“To laugh often and much; to win the respect of the intelligent people and the affection of children; to earn the appreciation of honest critics and endure the betrayal of false friends; to appreciate beauty; to find the beauty in others; to leave the world a bit better whether by a healthy child, a garden patch, or a redeemed social condition; to know that one life has breathed easier because you lived here. This is to have succeeded.” Ralph Waldo Emerson
Today I ran into a former singer of mine; a tenor from an old church job. Always a lovely man, he and his wife were two of my favorite singers and I was delighted to see him. He told me the choir still talks about me, always about something good he assured me, and they miss me. Still. I left in 2004.
I didn’t want to leave, not really, but all sorts of little things about my job and about the church had bothered me. I was crabby, I was stressed and those little things bothered me more and more. My boss (clergy) was married to another professional church musician and felt the need to explain (over and over)how HE numbered the cubbies in HIS choir room at HIS church and maybe I should try it that way. There was nothing wrong with the numbering system of the cubbies in our choir room—it worked just fine for my choir– so I paid no attention to her jabbering. But every time I saw her or talked to her, she pointed out that darn numbering. Of the cubbies. In the church choir room. Doing it her spouse’s way would have meant A LOT of busy work for me, to re-number everything and would have meant the choir would have had to be on board to make it happen; I wanted to work on music with them, not argue with them! This Clergy tended to “throw me under the bus” when it came to taking responsibility for unpopular decisions, so no way did I want to do this. This was not the reason I left, but it was part of a bigger reason.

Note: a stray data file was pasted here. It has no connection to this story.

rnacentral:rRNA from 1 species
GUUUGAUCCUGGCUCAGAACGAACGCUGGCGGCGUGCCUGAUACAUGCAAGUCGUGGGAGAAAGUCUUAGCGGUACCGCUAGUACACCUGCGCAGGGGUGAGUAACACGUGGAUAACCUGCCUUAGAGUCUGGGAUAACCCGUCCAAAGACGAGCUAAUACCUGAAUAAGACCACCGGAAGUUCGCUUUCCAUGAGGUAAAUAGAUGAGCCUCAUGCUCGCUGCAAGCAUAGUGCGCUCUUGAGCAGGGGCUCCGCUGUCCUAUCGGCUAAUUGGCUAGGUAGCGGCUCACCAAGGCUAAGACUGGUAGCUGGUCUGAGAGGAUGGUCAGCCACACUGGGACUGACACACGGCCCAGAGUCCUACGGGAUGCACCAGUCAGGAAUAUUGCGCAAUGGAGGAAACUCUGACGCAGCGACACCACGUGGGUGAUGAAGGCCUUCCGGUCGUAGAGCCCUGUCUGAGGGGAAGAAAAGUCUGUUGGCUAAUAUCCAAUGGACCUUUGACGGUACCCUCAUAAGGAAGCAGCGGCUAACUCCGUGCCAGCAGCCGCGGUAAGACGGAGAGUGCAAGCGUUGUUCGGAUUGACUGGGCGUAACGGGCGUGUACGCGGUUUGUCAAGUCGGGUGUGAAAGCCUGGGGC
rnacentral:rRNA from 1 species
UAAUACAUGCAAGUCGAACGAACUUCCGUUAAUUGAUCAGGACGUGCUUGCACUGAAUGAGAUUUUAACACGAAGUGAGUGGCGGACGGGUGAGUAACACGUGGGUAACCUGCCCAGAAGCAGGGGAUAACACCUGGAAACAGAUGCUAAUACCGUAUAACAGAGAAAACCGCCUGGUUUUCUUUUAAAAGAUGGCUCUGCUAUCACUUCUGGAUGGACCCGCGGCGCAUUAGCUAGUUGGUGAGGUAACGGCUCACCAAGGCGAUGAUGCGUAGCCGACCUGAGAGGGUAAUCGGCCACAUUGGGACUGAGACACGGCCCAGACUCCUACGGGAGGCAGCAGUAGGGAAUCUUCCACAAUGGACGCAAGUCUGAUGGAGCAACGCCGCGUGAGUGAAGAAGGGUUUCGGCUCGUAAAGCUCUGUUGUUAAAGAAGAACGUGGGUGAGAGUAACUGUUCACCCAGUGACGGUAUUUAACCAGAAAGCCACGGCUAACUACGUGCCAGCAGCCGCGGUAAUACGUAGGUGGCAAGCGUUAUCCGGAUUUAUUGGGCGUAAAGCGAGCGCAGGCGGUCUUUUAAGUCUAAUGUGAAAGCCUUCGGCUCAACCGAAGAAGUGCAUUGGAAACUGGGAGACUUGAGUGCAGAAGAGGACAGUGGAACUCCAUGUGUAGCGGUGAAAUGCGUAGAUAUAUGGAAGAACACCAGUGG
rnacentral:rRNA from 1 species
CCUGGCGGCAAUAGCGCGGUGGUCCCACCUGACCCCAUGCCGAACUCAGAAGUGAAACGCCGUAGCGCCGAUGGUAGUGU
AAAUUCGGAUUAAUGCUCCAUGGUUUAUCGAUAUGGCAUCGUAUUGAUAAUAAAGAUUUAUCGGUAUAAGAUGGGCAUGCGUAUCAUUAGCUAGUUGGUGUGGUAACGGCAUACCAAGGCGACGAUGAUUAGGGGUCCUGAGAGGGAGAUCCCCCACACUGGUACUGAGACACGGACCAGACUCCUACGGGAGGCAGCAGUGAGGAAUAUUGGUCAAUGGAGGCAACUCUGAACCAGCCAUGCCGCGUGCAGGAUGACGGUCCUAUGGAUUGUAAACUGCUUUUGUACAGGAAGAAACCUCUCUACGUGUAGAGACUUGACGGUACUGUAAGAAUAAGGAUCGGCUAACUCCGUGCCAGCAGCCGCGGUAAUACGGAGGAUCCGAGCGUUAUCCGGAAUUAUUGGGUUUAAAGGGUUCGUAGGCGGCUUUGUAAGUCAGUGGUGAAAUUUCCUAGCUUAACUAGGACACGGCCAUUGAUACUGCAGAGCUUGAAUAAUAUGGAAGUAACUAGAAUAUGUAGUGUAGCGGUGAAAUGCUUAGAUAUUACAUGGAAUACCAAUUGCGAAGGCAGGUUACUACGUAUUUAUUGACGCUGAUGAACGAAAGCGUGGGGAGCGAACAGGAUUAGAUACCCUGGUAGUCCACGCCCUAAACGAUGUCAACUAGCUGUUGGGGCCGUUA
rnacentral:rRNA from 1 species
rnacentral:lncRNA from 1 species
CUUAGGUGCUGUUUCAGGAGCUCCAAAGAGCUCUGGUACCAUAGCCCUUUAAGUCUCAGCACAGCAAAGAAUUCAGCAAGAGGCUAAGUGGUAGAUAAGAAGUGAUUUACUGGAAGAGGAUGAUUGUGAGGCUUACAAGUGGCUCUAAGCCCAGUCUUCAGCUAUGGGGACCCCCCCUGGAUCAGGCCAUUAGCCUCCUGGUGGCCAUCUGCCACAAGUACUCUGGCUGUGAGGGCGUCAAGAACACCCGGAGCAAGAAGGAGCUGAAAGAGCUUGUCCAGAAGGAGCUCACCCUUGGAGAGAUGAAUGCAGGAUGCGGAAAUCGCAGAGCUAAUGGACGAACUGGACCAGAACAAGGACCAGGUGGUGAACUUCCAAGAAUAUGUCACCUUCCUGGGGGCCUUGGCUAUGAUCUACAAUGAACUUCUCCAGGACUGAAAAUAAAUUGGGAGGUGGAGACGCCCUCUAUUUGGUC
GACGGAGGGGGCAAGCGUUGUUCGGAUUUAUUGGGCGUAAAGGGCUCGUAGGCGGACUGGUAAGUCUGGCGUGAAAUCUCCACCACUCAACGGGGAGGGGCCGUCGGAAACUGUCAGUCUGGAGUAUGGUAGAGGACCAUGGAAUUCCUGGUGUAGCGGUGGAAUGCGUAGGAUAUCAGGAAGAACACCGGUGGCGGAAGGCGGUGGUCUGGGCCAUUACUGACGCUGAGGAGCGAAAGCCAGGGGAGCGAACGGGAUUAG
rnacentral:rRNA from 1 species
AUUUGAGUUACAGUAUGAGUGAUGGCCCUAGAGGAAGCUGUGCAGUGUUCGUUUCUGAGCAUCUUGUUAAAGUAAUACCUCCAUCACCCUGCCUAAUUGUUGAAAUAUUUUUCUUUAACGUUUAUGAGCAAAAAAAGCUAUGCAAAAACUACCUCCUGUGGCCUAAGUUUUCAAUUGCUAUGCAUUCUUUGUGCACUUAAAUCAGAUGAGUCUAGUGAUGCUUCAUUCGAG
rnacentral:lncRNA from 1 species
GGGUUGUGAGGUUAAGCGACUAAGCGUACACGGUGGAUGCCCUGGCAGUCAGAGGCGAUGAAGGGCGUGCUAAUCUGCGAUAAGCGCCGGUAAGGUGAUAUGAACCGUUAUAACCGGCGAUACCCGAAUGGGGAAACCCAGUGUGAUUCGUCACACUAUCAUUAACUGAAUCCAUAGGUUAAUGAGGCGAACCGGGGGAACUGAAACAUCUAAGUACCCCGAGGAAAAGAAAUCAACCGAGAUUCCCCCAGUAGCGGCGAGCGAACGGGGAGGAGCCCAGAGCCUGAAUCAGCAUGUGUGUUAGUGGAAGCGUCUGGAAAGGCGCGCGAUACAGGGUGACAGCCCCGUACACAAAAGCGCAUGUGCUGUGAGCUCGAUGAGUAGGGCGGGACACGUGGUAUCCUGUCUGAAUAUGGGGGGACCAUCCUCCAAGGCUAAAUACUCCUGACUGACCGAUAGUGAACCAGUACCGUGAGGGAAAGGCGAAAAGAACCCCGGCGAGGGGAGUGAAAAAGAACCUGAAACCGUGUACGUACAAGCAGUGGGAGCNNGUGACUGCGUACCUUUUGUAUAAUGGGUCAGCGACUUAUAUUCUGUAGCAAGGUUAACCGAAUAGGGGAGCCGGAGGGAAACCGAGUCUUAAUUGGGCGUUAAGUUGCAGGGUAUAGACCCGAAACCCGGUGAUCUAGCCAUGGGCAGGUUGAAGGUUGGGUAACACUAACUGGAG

I loved that job. I loved the people in my choirs; the bells, the children, the adults and my sacred dance troop. I loved their musical abilities and the music we made together, I loved their families, and I loved the rest of the staff (mostly) too. I worked with a total of three organists (not including interims and subs); one of whom I really liked, one who was a newbie and had to be taught everything –we got along okay for the most part—and one who was a total pain. If you saw me work with those three, you would have had a hard time knowing which was which—except for the newbie—because I tried to always be professional, no matter what.
When I spoke with that tenor today, he told me the people who have replaced me are perfectly nice people and the musical standard I had held them to has been upheld. But something is missing. He said I had a certain something they miss; and they miss me. I told him I hoped the choir didn’t bring me up to their new directors often because there is something obnoxious about THAT! He assured me, I was only mentioned occasionally and never to put anyone down. Our conversation made me feel good, as if I had made a difference in the life of that church. It was comforting to know I was still remembered fondly. I had often wondered if I was successful in what I set out to do, which was to rise above the ordinary. Maybe I did.